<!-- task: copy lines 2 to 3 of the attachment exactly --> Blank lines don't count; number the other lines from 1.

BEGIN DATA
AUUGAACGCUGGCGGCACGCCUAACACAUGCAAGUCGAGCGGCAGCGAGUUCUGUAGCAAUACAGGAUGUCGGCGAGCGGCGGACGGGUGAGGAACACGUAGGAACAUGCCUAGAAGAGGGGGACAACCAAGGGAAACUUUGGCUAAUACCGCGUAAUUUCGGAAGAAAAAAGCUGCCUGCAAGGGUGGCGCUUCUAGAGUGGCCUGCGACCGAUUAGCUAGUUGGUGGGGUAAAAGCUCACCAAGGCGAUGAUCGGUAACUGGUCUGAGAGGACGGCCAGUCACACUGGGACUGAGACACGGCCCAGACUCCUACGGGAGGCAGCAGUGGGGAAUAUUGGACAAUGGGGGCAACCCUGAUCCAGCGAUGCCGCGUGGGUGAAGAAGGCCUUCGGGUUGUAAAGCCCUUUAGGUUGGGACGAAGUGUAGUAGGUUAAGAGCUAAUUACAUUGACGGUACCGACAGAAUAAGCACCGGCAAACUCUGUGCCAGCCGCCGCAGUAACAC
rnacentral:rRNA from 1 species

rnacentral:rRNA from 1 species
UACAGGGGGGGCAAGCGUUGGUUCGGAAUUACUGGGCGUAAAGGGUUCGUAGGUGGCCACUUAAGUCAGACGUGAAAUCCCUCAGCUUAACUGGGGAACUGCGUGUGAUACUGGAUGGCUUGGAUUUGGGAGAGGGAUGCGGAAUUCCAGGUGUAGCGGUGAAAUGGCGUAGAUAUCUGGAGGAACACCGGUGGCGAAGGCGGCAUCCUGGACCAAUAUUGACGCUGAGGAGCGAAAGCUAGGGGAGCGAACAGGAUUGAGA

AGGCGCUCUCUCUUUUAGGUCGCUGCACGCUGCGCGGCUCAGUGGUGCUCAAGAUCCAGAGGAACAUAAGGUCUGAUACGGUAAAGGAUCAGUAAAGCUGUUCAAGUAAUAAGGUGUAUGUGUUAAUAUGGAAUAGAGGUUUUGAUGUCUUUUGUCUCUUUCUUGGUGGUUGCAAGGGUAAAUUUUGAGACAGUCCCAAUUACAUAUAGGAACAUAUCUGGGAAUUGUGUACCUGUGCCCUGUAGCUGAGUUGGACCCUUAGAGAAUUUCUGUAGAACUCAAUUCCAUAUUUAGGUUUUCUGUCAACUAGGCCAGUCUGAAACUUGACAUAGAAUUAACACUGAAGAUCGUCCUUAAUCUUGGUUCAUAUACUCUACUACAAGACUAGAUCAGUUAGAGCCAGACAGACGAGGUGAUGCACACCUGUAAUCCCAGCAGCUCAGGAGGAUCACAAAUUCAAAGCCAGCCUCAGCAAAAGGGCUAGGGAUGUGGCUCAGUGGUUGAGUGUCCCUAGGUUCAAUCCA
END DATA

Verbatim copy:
rnacentral:rRNA from 1 species

rnacentral:rRNA from 1 species